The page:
Kansas City 0 0 2 2 0 0 0 0 1 0 0 1 0 6 8 5
Hilldale 0 0 1 0 3 0 0 0 1 0 0 1 0 6 10 1
HRs: KCNewt Joseph (1)
Umpires: Freeman, Dolan, McDevitt, and McBride
The Monarchs took a one-run lead into the bottom of the ninth and again into the bottom of the twelfth, but were unable to put Hilldale away. William Bell pitched 12 innings for no decision; he played the thirteenth inning in right field, as Rogan came in from center field to pitch the thirteenth inning. Monarch fielding errors in the fifth and ninth innings allowed Hilldale to stay in the game. Biz Mackey received three intentional walks during the game. The game was called on account of darkness after thirteen innings.
This game was played at Maryland Park, home park of the Baltimore Black Sox, on account of Pennsylvania's blue laws, which did not allow professional baseball games on Sundays.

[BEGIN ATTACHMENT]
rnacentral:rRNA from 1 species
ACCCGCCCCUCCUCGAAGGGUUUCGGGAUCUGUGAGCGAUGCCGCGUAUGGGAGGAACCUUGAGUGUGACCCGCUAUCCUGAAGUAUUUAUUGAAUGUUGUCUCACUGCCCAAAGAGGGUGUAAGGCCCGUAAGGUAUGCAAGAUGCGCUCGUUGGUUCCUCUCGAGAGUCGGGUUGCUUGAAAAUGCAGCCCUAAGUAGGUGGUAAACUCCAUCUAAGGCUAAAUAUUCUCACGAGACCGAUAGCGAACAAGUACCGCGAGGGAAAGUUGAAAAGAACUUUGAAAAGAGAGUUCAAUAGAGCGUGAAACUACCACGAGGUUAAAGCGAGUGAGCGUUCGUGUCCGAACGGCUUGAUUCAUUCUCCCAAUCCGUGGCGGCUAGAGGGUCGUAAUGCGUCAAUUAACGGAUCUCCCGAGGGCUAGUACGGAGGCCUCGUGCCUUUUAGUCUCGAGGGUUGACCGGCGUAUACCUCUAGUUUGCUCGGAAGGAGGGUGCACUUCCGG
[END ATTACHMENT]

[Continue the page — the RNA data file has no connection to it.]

Game Four

October 6, 1924, at Maryland Baseball Park in Baltimore

Team 1 2 3 4 5 6 7 8 9 R H E
Kansas City 2 0 1 0 0 0 0 0 0 3 8 4
Hilldale 0 0 3 0 0 0 0 0 1 4 4 1
W: Rube Currie (1-0)  L: Cliff Bell (0-1)
HRs: none
Umpires: Freeman, Dolan, McDevitt, and McBride

After yesterday's tie game, another game was rescheduled for the following day. Before a sparse weekday crowd, former Monarch Rube Currie relieved Red Ryan with one out in the third and the Monarchs leading 3-0, and shut them out the rest of the game. Hilldale tied the game in the third on two base hits, a walk, and three steals, including Otto Briggs’ steal of home. Two walks and two errors helped score Hilldale's winning run with none out in the ninth.

Game Five

October 11, 1924, Muehlebach Park, Kansas City

Team 1 2 3 4 5 6 7 8 9 R H E
Hilldale 0 0 0 1 0 0 0 0 4 5 10 1
Kansas City 2 0 0 0 0 0 0 0 0 2 4 4
W: Nip Winters (2-0)  L: Bullet Rogan (1-1)  
HRs: HilldaleJudy Johnson
Umpires: McGrew, Anderson, Costello, and Goeckel